1. (1)

    RORC: upstream primer 5ʹ-AGCGCTCCAACATCTTCTCC-3ʹ, downstream primer 5ʹ-ACCACTTCCATTGCTCCTGC-3ʹ,

  2. (2)

    CCR7: upstream primer 5ʹ-TTCCAGCTGCCCTACAATGG-3ʹ, downstream primer 5ʹ-CAAGAAAGGGTTGACGCAGC-3ʹ;

  3. (3)

    MYC: upstream primer 5ʹ-GGCTCCTGGCAAAAGGTCA-3ʹ, downstream primer 5ʹ-CTGCGTAGTTGTGCTGATGT-3ʹ.

The reaction total volume was 20 uL of PCR reaction system, including SYBR Premix Ex Taq 10 uL, upper and downstream primers 0.4uL of each, ROX Reference DyeII 0.4 uL, cDNA template 2 uL and sterilized distilled water supplement system to 20 uL. Using GAPDH as the internal reference, the experiment was repeated for 3 times to take the mean value, and the relative mRNA expression was calculated by 2-ΔΔCt method.

SPSS 23.0 and Graphpad prism 9.0 were used for statistical analysis, and T-test analysis was performed for comparison between groups. p < 0.05 was considered statistically significant.


Identification of key module with highest correlation with age phenotype

We developed a flowchart to systematically analyze the age-related genes in COVID-19 (Fig. 1). First, 10,985 genes (TPM > 1) in the 100 samples of COVID-19 patients were used to set up the co-expression network. Three outliers which found by samples clustering (Additional file 1: Fig. S1A) were eliminated in order to make the subsequent analysis more reliable. To construct the network, a soft-threshold of 14 was used to obtain the approximate scale-free topology (Additional file 1: Fig. S1B, C). Genes across the 97 samples were hierarchically clustered based on topological overlap (Fig. 2A). 39 modules were identified in which genes are co-expressed and random colours were allotted to distinguish different modules. To examine the relation of these modules, we built an eigengene adjacency matrix by calculating the correlation of the eigengenes matrix. Correlation between modules were represented by heatmap (Fig. 2B), and it indicated relative independence among these modules.

Fig. 1
figure 1

Schematic flow chart demonstrating the process of the analysis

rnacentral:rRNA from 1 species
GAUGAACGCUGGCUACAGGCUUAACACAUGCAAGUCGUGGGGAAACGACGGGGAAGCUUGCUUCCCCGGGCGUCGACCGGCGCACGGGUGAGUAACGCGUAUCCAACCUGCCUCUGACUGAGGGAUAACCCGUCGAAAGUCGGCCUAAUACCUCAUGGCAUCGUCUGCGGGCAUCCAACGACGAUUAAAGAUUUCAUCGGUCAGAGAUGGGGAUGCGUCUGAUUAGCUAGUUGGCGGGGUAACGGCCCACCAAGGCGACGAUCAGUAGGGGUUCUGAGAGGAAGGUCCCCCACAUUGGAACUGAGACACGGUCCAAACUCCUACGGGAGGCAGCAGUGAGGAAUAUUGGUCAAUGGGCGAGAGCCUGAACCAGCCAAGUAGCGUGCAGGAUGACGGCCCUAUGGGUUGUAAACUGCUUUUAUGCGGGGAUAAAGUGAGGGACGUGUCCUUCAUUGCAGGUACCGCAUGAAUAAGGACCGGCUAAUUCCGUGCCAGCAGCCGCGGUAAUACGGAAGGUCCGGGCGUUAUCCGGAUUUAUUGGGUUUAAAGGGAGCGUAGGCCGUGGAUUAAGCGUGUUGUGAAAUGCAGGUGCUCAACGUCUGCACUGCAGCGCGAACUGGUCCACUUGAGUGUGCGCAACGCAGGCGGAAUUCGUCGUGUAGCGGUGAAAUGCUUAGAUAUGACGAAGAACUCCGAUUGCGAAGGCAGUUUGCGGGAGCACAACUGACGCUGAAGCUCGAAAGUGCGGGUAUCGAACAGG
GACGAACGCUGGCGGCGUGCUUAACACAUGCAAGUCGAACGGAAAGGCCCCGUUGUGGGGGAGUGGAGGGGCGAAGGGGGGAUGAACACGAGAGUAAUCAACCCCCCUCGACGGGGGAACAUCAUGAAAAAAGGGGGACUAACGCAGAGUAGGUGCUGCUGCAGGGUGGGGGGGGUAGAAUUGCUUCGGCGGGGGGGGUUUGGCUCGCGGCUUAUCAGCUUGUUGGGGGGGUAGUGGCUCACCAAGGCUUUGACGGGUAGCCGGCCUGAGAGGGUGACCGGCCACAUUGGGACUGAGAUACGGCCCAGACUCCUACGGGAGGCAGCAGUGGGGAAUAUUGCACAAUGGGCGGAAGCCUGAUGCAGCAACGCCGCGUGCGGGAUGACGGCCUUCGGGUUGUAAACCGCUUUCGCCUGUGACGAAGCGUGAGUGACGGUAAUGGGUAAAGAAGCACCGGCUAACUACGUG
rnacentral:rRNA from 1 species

Fig. 2
figure 2

Results of Weight Gene Co-expression Network Analysis (WGCNA) in 100 COVID-19 patients of different ages. A Clustering dendrogram of 10,985 co-expression genes (TPM > 1) based on topological overlap. B Eigengene adjacency heatmap of different gene co-expression modules. C Module-age correlative analysis. Each row corresponds to a module eigengene and each column corresponds to different ages. Heatmap block with p-values and correlation coefficients. The red box in the figure shows the module with the highest correlation coefficient in the age range. D The barplot shows the absolute value of the correlation coefficient of each module for different ages

For the purpose of determining if any of the identified co-expression modules were associated with age, the correlation coefficient were calculated between each module and aging status by correlating the eigengene values of each module with the age trait (Fig. 2C). We found more modules were negatively correlated with age phenotype, and only a few were positively correlated with this trait. Barplot was used to further represent gene significance across modules (Fig. 2D). The results demonstrated that age was most significantly correlated with the lightgreen module, which composed of 108 genes, suggested those 108 genes were mostly associated with the age-related phenotypes in COVID-19 patients. Therefore, this module can be adopted to represent the ageing stage of COVID-19 patients. For those, we selected lightgreen module for further investigation and will use the key module to refer to them.

Key module was shown to correlate with T cell function

To further investigate the relationship between key module’s gene expression and distribution in COVID-19 patients, patients were divided into 7 age groups every 10 years [37]. By performing the eigengene variation analysis (Fig. 3A), we found module eigengenes (ME) values were generally higher in younger patients than in older patients (p = 0.00035). In general, the ME value gradually decreased with the increase of age. The gene expression was further analysed and results revealed that higher expression of key module genes in young adults, while lower expression in aged patients (Fig. 3B).